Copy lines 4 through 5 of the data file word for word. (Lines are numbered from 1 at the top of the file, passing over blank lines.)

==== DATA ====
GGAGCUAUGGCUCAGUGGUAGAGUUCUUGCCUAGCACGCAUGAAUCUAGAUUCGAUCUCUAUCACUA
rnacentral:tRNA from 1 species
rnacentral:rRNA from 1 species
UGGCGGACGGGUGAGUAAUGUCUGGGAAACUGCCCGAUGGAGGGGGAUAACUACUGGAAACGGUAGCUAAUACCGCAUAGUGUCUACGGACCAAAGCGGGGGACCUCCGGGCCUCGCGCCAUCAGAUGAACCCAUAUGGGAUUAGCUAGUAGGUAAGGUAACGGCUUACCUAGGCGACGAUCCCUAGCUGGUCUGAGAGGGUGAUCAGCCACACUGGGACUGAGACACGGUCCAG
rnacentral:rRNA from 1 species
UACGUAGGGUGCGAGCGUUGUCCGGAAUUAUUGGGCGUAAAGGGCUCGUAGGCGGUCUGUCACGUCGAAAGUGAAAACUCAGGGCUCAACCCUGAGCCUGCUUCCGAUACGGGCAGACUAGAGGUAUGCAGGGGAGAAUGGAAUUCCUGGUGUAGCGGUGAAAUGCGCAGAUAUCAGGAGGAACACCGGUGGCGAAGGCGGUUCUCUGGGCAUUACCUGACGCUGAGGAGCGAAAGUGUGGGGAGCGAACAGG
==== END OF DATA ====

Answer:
UGGCGGACGGGUGAGUAAUGUCUGGGAAACUGCCCGAUGGAGGGGGAUAACUACUGGAAACGGUAGCUAAUACCGCAUAGUGUCUACGGACCAAAGCGGGGGACCUCCGGGCCUCGCGCCAUCAGAUGAACCCAUAUGGGAUUAGCUAGUAGGUAAGGUAACGGCUUACCUAGGCGACGAUCCCUAGCUGGUCUGAGAGGGUGAUCAGCCACACUGGGACUGAGACACGGUCCAG
rnacentral:rRNA from 1 species